Ireland set for six Tests in seven weeks from October 24th

World Rugby Council approved a temporary change to Regulation 9 to facilitate matches

As expected, Test rugby is set to return over an extended seven-week period after the World Rugby Council approved a temporary adjustment to Regulation 9 in order to accommodate the release of international players for revised 2020 windows.

A statement by World Rugby today, Thursday, confirmed that: “The adjustment to the regulation has been approved as a temporary measure to mitigate the unprecedented impact of COVID-19 on global rugby activities and provides a welcome boost for players, teams, fans, and broadcast and commercial partners.

“Approval follows extensive and productive dialogue between the sport’s major stakeholders, balancing the interests of the international game, the professional club game and player welfare to determine a schedule that will optimise the immediate financial recovery and funding of the sport at all levels.”

The temporarily extended window in the southern hemisphere will run from October 24th to December 5th, encompassing a rest week after the re-arranged 2020 Guinness Six Nations men’s and women’s games and before the four-week programme of matches being put together by the Six Nations, which is expected to include the participation of Japan and Fiji.

To accommodate a revised and truncated Rugby Championship to be held over six weeks in New Zealand, the window in the northern hemisphere will run from November to the second weekend in December.

The World Rugby statement added: “With Covid-19 restrictions continuing to impact transcontinental travel and entry requirements, on an exceptional basis The Rugby Championship 2020 will take place over a reduced six-week period between 7 November and the second week in December with SANZAAR having asked New Zealand to host. Special measures will need to be implemented to deal with any government-required isolation period prior to the start of the competition.”

Only on foot of World Rugby Council approving the temporary extension of Regulation 9 can the Six Nations press ahead with finalising the re-arranged games from the 2020 tournament which were postponed in February.

It is expected that the Ireland v Italy game at the Aviva Stadium on October 24th, followed by the concluding round five fixtures on October 31st, including Ireland’s meeting with France in Paris, along with the corresponding games in the women’s championship, will be confirmed next week.

Ditto the proposed four-week tournament to replace the November Tests, which will see Ireland, England, Wales and Fiji in one group, with France, Scotland, Italy and Japan in the other.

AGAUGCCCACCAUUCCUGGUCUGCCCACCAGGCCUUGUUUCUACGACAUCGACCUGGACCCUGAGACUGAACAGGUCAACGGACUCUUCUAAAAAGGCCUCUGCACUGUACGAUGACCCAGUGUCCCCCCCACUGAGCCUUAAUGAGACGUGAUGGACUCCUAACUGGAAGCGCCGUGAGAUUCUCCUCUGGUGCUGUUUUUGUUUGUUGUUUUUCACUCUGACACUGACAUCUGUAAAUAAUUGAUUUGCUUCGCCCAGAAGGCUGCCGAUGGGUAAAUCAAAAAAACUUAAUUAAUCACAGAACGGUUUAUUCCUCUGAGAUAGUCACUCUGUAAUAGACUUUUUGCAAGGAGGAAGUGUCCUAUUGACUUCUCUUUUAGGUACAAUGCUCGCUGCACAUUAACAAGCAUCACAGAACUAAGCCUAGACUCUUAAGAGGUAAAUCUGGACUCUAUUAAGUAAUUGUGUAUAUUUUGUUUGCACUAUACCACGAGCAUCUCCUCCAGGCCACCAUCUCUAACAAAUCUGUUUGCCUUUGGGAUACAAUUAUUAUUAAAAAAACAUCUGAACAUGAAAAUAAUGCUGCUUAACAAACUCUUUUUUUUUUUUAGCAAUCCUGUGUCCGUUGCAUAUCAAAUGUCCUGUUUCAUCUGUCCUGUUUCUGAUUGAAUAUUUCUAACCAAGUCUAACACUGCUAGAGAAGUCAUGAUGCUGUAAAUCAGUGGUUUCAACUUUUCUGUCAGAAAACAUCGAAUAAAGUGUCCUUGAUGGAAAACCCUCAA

All this information has thus far been “leaked” with no official pronouncements from the Six Nations, who are effectively organising this one-off tournament, with World Rugby acting as facilitators.

Now, in light of the World Rugby Council extending the Test window, they can fast-track plans, and details of these games are likely to be confirmed next month. There isn’t much time to arrange the fixtures and agree broadcasting and sponsorship deals, but then again so little can be planned far in advance in the current climate.

The World Rugby statement added: “The current Regulation 9 windows will return to normal after the conclusion of the temporary calendar. All parties, including unions, club competitions and players, remain committed to continued dialogue regarding the long-term harmonisation of the international calendar for the betterment of all.

“The rescheduling of the domestic, European and international calendars will accommodate the ability for the professional clubs to have access to their star southern hemisphere international players for the completion of the postponed and rescheduled 2019/20 seasons at a time in which they would have ordinarily been on international duty in August and September. The process also reflects the ambition to minimise impact on the EPCR and English Premiership finals matches.

“World Rugby is also liaising with emerging unions to explore where it can assist with a programme of fixtures where COVID-19 restrictions permit.

World Rugby Chairman Bill Beaumont said: “The global Covid-19 pandemic has been unprecedented in its impact on society and sport and, throughout this process, all parties have sought to deliver the best-possible outcome to support the interests of international and club rugby and the players.

“Agreement and approval of this schedule is exciting for players and fans and an important step in supporting our unions in mitigating financial impact and optimising the sport’s return from the pandemic in an equitable way.

“These matches will be greatly anticipated by all, and I would like to thank unions, the international and club competitions and players for their input and the fans for their patience as we have sought to get international rugby back up and running.”

World Rugby Vice-Chairman Bernard Laporte added: “Today represents an important day for our sport as the first steps towards recovery from the global Covid-19 pandemic.

“This has been no small effort and there have been many conversations, but the position approved by Council today represents the best interests of the global game and I look forward to seeing the world’s best players doing what they do best back on the international stage.”

Gerry Thornley

Gerry Thornley

Gerry Thornley is Rugby Correspondent of The Irish Times